He Being Dead, Yet Speaks
by Rev. David T. Myers
You may have noted that several of those featured in this historical devotional guide have been mentioned for more than just one date out of the year. Their birth dates, their death dates, and significant dates during their lives may have been featured. The reason why that is that they, while members now of the triumphant church, were well-known members of the militant church on earth, and so there is much to note about their lives and how the Lord worked through them. Such a one was Benjamin Breckinridge Warfield, whose inaugural address we featured this past Saturday, and who we feature again today.
Born in 1851 in Kentucky from good solid Presbyterian heritage, especially on his mother’s side, Warfield was known and still is known as a great defender of the faith. The books he wrote are still readily available in both hard copy as well as on the web. Yet he had limited experience in the pulpit and pastorate, serving only a few years in that capacity. Further, he was not interested in church politics, either in the presbytery, synod, or general assembly. His place of ministry was always in the classroom in a seminary setting.
In that sense, he was, as Paul puts it in Ephesians 4:12, an individual who “equipped the saints.” That word “equip” is used in the gospels accounts to describe the necessary work of the fishermen who later became the apostles of our Lord. It was said that when that divine call came, they were “mending the nets.” In other words, they were getting the nets ready for service. This is what the word “equip” speaks about in Ephesians 4. And that is exactly what Warfield did as a professor at Princeton Theological Seminary with his students. They were equipped as student saints. They were prepared for service in the kingdom of God.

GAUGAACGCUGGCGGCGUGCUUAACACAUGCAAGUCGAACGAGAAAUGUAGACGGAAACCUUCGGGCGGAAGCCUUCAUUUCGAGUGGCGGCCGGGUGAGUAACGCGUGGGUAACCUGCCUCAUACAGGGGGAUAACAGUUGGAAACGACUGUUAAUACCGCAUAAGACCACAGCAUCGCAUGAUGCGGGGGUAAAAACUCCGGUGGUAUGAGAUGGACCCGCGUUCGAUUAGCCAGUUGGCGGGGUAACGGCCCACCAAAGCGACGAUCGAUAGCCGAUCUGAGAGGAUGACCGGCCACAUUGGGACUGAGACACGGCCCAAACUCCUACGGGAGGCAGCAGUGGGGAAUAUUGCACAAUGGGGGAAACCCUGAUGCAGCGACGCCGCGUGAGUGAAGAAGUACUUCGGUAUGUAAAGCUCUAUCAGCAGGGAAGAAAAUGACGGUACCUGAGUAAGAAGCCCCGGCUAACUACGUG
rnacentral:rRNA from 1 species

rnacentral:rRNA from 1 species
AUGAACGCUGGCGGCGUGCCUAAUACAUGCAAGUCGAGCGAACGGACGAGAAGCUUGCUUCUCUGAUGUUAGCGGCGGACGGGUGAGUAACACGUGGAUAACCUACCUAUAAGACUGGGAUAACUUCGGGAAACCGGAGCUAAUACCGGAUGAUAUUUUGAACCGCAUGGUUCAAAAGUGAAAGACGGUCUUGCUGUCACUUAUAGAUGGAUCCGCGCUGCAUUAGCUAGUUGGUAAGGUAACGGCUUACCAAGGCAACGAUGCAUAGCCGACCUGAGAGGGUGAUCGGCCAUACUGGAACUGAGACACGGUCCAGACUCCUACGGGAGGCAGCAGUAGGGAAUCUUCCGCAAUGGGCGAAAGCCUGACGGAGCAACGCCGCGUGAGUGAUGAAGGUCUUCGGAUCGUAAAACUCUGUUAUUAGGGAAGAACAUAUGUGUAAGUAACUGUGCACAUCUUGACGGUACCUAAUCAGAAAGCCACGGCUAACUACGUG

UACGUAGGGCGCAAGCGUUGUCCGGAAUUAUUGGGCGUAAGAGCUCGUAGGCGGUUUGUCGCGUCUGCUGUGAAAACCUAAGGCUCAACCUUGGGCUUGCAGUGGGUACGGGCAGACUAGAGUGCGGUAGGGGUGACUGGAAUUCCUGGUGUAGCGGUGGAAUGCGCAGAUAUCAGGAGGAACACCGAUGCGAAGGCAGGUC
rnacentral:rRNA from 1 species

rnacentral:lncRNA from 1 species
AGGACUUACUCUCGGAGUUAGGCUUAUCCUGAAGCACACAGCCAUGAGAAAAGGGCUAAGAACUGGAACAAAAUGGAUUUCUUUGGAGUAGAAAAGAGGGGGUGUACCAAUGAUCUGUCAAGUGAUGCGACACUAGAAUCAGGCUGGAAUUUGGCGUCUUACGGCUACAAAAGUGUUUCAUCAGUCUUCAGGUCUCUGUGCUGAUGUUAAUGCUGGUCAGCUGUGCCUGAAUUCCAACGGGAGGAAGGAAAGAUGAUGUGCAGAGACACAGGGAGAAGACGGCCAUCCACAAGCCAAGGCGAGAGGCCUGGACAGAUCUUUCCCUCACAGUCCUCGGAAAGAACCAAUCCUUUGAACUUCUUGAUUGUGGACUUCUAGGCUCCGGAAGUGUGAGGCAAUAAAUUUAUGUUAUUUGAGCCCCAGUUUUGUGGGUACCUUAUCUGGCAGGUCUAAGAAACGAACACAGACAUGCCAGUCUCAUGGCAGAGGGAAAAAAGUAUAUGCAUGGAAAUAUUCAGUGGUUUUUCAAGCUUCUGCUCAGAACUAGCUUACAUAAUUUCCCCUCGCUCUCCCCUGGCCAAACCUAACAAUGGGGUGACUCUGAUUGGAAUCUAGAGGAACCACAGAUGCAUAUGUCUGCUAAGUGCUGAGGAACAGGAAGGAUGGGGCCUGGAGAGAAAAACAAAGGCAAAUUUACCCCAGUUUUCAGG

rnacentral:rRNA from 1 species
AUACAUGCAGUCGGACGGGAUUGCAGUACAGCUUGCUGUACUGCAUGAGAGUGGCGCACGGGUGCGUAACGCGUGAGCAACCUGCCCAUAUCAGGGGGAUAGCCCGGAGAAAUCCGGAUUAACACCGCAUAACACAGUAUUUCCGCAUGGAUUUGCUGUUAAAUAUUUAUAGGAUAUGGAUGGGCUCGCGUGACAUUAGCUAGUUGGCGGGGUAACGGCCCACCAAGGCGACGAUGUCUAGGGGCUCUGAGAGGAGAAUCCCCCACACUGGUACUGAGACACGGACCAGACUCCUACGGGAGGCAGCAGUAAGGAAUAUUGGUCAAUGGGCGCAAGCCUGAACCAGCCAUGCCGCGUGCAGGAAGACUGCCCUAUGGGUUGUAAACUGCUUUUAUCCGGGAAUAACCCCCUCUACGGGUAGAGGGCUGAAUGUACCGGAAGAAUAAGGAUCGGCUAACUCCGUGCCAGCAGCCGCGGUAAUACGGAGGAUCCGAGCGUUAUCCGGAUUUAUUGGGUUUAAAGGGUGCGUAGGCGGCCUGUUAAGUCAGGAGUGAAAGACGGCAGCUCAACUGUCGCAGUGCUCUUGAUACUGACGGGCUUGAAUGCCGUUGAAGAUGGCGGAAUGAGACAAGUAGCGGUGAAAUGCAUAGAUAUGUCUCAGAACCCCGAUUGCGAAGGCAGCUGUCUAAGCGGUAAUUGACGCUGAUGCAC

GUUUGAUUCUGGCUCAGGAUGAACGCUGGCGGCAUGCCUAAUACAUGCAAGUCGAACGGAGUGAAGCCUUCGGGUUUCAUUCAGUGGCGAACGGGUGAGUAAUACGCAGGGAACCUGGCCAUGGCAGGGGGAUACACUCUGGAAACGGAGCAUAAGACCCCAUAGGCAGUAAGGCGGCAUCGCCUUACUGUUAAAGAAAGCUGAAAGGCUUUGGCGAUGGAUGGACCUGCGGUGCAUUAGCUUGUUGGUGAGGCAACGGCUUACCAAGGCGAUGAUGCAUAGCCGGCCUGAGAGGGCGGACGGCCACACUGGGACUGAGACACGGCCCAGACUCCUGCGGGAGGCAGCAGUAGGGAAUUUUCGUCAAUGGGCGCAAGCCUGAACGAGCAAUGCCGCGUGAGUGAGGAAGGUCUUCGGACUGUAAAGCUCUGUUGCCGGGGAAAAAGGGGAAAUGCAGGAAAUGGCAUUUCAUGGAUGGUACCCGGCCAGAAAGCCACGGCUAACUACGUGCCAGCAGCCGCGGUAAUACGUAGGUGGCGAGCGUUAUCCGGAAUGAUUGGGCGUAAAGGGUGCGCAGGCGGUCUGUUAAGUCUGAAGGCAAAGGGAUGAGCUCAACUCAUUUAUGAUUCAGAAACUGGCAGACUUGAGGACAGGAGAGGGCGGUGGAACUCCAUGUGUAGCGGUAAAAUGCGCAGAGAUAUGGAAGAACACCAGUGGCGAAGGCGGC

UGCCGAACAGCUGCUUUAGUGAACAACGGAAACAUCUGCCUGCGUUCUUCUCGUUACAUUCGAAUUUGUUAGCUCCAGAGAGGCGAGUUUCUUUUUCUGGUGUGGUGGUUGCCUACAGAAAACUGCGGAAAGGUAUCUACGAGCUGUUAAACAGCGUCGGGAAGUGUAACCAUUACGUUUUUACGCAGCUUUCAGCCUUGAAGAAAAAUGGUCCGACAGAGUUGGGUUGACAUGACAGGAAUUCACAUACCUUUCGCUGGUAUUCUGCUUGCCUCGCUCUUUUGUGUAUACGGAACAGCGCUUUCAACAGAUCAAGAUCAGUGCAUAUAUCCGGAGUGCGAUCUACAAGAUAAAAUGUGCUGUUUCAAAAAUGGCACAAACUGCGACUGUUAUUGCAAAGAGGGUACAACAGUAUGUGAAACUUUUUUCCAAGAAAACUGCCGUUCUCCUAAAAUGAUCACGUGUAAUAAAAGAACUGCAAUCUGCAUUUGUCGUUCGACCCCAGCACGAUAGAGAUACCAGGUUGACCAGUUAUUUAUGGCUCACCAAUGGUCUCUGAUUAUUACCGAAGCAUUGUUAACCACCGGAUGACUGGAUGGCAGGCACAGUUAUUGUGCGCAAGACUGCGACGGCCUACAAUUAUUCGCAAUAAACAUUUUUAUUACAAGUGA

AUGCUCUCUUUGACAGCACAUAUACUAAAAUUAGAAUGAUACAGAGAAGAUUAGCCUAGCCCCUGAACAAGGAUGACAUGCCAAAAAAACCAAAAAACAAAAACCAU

No one did a better job in his time there than Benjamin Breckinridge Warfield. He took over the Chair of Charles Hodge from the son of Charles Hodge, A. A. Hodge. He was therefore a link to the marvelous Hodge dynasty at old Princeton. When he died in 1921, it was said that Old Princeton had passed away. In God’s providence, a mere nine years later Westminster Theological Seminary began, as an effort to preserve and continue something of that tradition of Old Princeton.
And to think all this story was begun officially on April 26, 1879 when Benjamin Breckinridge Warfield was ordained to the ministry, being ordained by the Presbytery of Ebenezer (PCUSA). It was a recognition of the spiritual gifts which he possessed in knowledge and wisdom, in teaching, and in discernment. His ordination was a recognition by the Church of the hope and anticipation of how those gifts might be used in coming years, for the glory of God.
Words to Live By: Warfield is in heaven now, but his words live on in the church on earth. It will do you, the reader, much good to spend time in reading his books either in book form or on the web. Those books are not always easy to read, but they are worth the effort, for they still stand ready to equip you for service in Christ’s kingdom. A number of Dr. Warfield’s works can be easily located online, here.
Note: Consulting Robinson’s Ministerial Directory (1898), page 526, we find that Warfield was ordained by the Presbytery of Ebenezer, on 26 April 1879. From the time-line provided in Robinson, it looks like Warfield’s ordination was performed with a view to his installation as professor of Didactic & Polemic Theology at the Princeton Theological Seminary. He had first served in the summer of 1875 as stated supply in Concord, KY, then in Dayton, OH in the summer of 1876, and from 1877-78 as stated supply for First Presbyterian in Baltimore, MD. He was an instructor in New Testament Literature and Exegesis at Western Seminary, 1878-79. Thus the ordination would have taken place at the end of the academic year at Western, but probably after Warfield had his call to Princeton in hand.